This is the facelifted Audi A8, the revised version of the flagship all-aluminium limo that’s a rival for everything from the Mercedes S-class and BMW 7-series, to the Porsche Panamera and Bentley Flying Spur.
Changes as part of the mid-life nip ‘n’ tuck include: all engines now meeting EU6 emission standards, with each boasting more power but less CO2 and improved fuel consumption; a 10-litre bigger boot; some oh-so-subtle re-sculpting of the bonnet, huge single-frame grille and bumpers; plus different LED tail lights and some fancy new headlights.
Ooh, the facelifted Audi A8 has some new lights…
Yes, we understand your skepticism, but the optional Matrix LED headlights are darn impressive. The headlights on the A8 are already 100% LED, but the Matrix system has 25 LEDs (in five groups of five) in each cluster to make up the high-beam function. And their trick is to stay on all the time without ever blinding other road users or pedestrians.
A camera mounted at the top of the windscreen in the rear-view mirror can detect oncoming vehicles up to around 800m away, or 600m for those you’re following (as tail lights aren’t as bright as headlamps). And then the individual LED clusters dim or turn off – so other drivers aren’t dazzled – but the rest of the LEDs remain on, meaning you still get the increased visibility elsewhere.
Browse secondhand Audi A8s for sale
Complicated to explain, but simple to understand the benefits once you’ve experienced it. So you can follow the car in front with your high beams on, and while that vehicle won’t be illuminated by anything more than your standard headlights, the verges and oncoming lane will be fully lit. And if a vehicle comes the other way, again the appropriate LEDs dim or turn off so the other driver sees no more than your regular headlights. We spent a week trying to outfox the system, but it was never caught out, and we were never flashed by an irate driver either.
The system will also detect pedestrians 80m away, and the LEDs will pulse in their direction to help highlight the potential hazard. Don’t worry, the system won’t be doing this through every town centre at night – the camera also detects streetlights, and together with the GPS, turns off the high-beam headlights in urban areas.
The fancy lighting tech is standard on the S8, hybrid and Sport Executive models, so the only downside is they’re a £840 extra on other A8s.
Enough about larking about in the dark with some pricey headlights, what about the rest of the driving experience?
Our test car was powered by the same base 4.0-litre V8 that’s in everything from the S6, S7 and S8, to the RS6 and RS7, and even the Bentley Continental GT V8. So it won’t be the chauffeurs’ choice when it comes to fuel consumption or running costs, but with an ignition instead of compression engine beneath the bonnet the refinement is so much better.
Audi’s 3.0 and 4.2 TDI motors are good, but for whisper-quiet sophistication in a limo, neither can beat this petrol engine. Especially now it’s got active engine mounts to dampen vibrations, and Audi’s Active Noise Cancellation technology that plays ‘antiphase noise’ through the speaks to combat the sounds of a 2.0-litre four-pot when the cylinder deactivation system kicks in.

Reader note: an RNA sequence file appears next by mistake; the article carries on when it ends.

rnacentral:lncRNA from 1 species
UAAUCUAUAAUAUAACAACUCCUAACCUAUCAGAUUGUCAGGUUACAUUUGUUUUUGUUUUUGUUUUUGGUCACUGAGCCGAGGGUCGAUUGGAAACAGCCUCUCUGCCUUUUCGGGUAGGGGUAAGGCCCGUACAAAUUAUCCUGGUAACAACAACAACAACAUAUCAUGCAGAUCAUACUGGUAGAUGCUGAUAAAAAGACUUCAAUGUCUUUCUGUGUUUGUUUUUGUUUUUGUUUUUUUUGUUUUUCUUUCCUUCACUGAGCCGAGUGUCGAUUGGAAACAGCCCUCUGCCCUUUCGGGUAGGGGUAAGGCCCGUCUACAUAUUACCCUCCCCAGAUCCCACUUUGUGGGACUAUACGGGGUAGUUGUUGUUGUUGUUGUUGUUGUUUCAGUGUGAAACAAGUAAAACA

Twin turbos mean there’s 443lb ft from 1500rpm all the way through to 5000rpm, Quattro four-wheel drive helps it to scamper to 62mph in 4.6 seconds, and you’ll never once think you need the S8’s extra 36bhp and 84lb ft as you sweep majestically along on a big wave of refined torque.
You can dial the A8 between Efficiency, Comfort. Auto, Dynamic and Individual settings, but Comfort strikes the best balance. The four-wheel drive gubbins offsets any weights saving afforded by the aluminium chassis, and despite high grip levels, strong traction, and the ability to hustle along at great speed when you wish, the A8’s much better when driven briskly rather than abruptly. It doesn’t quite have the verve or dynamism of the lighter Jaguar.
What’s the interior of the facelifted A8 like?
An extremely pleasant space in which to pass the time. Step inside a BMW 7-series and it could be a 5-series, the latest S-class is a tad too chintzy, and while the Jaguar XJ looks delightful, its infotainment system is actually a fiddly mess.
The A8 strikes a good balance – the button count is not so minimalist (like the A3) that it’ll have its wealthy middle-aged owners shouting for their secretary to figure out how to change the radio station, but despite a plethora of dials and switches nor does it confuse and confound. Few parts are shared with lesser models, so it does feel genuinely special, but it could also do with a few surprise-and-delight features to help justify its near-£80k price tag.
Ours was also a long-wheelbase A8, which adds an extra 130mm between the wheels for £3,965. That means plenty of space to stretch out, but the ride is a tad too choppy and can’t deliver the ultimate isolation that an S-class can.
Minor changes mean Audi’s revised A8 still sports the same slight failings as before, namely that it’s neither as dynamic as some rivals, nor as cosseting as others, but that doesn’t stop it still being a very likeable limo.